The SC Progressive Network is asking South Carolina citizens to gather at the State House on Monday, Nov. 21, to challenge Gov. Nikki Haley’s order against protesting on the grounds after 6pm.
“We are urging citizens who believe that our First Amendment right to petition our government doesn’t end at sunset to join us at the State House from 6 to 7pm on Monday,” said Network Director Brett Bursey. “We will peacefully protest on the grounds, and are inviting legislators to join us in taking a stand for free speech in South Carolina.”
Gov. Nikki Haley orders protesters off the State House grounds at a Nov. 16 press conference. Two hours later, 19 Occupy Columbia activists are arrested.
The Network is a 16-year-old statewide coalition of advocacy organizations and grassroots activists that promotes democratic reforms, including reducing the influence of money in politics. “We do not believe that money is free speech, that corporations are people, or that the Occupy Wall Street protests don’t have a clear message,” Bursey said.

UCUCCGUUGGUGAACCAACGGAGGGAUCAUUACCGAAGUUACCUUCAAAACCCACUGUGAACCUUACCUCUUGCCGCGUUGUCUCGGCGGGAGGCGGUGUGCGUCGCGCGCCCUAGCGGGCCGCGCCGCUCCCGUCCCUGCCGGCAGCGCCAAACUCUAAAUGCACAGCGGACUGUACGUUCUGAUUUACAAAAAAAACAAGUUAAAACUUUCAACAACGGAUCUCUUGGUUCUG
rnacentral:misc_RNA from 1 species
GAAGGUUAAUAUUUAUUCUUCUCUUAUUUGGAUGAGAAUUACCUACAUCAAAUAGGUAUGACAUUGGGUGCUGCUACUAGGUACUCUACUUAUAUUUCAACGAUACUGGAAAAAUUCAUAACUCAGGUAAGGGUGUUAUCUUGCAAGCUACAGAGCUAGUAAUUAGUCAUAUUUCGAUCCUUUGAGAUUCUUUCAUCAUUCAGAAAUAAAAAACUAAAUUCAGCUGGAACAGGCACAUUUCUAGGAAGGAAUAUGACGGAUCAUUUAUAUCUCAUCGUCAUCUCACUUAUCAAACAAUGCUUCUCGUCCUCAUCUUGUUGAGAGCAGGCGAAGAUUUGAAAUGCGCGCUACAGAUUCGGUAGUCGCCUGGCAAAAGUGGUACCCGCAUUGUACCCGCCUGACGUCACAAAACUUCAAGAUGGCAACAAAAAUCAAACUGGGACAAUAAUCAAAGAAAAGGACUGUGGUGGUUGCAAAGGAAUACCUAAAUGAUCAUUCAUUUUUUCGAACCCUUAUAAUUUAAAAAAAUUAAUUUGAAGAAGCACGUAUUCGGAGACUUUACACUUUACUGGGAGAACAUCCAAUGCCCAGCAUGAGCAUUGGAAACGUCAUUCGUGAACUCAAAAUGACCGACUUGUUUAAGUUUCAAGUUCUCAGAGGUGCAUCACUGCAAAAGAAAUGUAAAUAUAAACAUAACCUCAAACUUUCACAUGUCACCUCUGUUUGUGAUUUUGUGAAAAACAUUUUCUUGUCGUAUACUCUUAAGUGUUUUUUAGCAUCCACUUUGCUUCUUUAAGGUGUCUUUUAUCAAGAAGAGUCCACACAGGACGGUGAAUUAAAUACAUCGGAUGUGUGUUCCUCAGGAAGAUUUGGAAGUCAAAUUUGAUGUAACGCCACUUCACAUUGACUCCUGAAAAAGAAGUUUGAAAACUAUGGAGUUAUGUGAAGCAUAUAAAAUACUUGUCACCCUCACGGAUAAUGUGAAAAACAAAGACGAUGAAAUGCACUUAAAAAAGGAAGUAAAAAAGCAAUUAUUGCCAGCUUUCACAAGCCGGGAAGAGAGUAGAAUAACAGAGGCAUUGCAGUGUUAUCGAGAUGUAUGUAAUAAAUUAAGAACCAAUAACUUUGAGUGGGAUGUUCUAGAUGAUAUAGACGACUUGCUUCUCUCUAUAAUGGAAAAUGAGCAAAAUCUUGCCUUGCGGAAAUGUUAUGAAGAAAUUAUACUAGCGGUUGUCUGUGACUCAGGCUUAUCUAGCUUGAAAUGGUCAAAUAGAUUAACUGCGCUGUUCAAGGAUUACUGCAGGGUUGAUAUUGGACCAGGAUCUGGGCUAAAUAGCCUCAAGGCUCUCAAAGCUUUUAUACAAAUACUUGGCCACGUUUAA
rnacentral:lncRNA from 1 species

Network Co-chair Virginia Sanders said the the prohibition against protesting after 6pm reminds her of Columbia’s old Jim Crow practice of running the last bus to the black communities before dark. “The governor is saying that if I work until 5pm, my opportunity to protest her decisions will last about 15 minutes,” Sanders said.
Sanders’ remembers 1961, when 187 black students were arrested for protesting racial segregation on the State House grounds. The US Supreme Court threw out the conviction, ordering that the state could not “make criminal the peaceful expression of unpopular views.”
Participants in Monday’s protest will not be arrested unless they refuse to leave after being ordered to do so by the Bureau of Protective Services.
Neither the Governor’s Office, the Dept. of Public Saftey or the Bureau responded to repeated requests Friday for clarification of the new limits on First Amendment expression on the State House grounds. “It’s my guess that they don’t have a clue how to enforce an illegal order,” Bursey said.
“If I can’t stand on the State House grounds with a sign that expresses my opinion about how our democracy has been hijacked by corporate interests, I’d rather be in jail,” he said.